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Reverend Scott. A group of churches that are given to preserve the testimony of the word of God versus liberalism and modernism as we know it in the church ranks today.

Senator BRICKER. It is not the Christian Church that we know in em the Middle West then?

Reverend Scott. I do not presume so.
Senator Smith. How many were present and how many people

bremse are behind that organization ?

Reverend SCOTT. The American Council of Christian Churches was it ! organized in 1941. It is composed of 16 denominations, has more than 6,000 congregations and over 1 million Christians who adhere to the American Council of Christian Churches' position.

Senator BRICKER. The reason I ask you was because I belong to a Christian Church myself, and I was wondering whether they were sponsoring this.

Reverend Scott. A resolution unanimously adopted at the ninth cut a annual State convention, American Council of Christian Churches of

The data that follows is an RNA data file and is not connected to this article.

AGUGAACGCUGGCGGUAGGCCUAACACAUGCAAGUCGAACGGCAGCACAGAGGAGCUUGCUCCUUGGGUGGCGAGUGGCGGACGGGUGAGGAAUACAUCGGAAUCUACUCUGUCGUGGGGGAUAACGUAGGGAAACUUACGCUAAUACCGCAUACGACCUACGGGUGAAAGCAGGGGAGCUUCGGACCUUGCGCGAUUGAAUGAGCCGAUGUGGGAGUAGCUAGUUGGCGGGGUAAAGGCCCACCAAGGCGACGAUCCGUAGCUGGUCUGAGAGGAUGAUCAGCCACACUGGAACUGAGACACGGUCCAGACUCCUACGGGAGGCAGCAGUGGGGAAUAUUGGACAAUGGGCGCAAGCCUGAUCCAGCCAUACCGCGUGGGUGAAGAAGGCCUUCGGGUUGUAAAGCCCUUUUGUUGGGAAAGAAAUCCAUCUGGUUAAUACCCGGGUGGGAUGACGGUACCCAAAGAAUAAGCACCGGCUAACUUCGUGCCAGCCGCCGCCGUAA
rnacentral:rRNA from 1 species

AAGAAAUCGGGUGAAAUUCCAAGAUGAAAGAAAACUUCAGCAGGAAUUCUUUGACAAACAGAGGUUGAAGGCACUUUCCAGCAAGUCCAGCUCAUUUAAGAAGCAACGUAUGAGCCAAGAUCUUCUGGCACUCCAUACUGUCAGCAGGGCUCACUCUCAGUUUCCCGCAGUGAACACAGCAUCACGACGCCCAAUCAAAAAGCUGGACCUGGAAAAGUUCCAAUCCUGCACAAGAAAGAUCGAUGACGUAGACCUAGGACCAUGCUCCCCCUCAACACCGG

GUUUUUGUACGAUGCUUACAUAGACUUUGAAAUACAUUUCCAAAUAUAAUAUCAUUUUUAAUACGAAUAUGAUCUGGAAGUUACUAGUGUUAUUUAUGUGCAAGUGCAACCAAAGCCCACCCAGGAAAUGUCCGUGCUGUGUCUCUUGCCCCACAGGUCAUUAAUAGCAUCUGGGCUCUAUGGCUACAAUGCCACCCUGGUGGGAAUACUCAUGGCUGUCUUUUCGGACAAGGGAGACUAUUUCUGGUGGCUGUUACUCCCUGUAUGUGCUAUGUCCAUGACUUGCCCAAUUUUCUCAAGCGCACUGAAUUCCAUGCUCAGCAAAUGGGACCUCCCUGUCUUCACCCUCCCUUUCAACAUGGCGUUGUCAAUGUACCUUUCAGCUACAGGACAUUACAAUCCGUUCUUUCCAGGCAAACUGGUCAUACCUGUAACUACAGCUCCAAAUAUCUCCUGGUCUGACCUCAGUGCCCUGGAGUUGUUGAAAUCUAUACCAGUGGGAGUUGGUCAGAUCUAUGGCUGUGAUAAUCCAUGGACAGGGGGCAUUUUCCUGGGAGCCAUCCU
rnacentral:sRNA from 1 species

tract t California, Pasadena, Calif., November 6 and 7, 1952.

Whereas the first amendment to the Constitution of the United States of America declares that Congress shall make no law respecting an establishment of religion, or prohibiting the free exercise thereof; and

Whereas article VI, paragraph 2, of the Constitution declares that all treaties made under the authority of the United States shall be the supreme law of the land, to the extent that they may supersede the national and State laws, and thus become the law of the land; and

Whereas the sixth amendment to the Constitution of the United States of America guarantees the right of any person accused of crime to a trial by an impartial jury of the State and district in which the crime was committed ; and,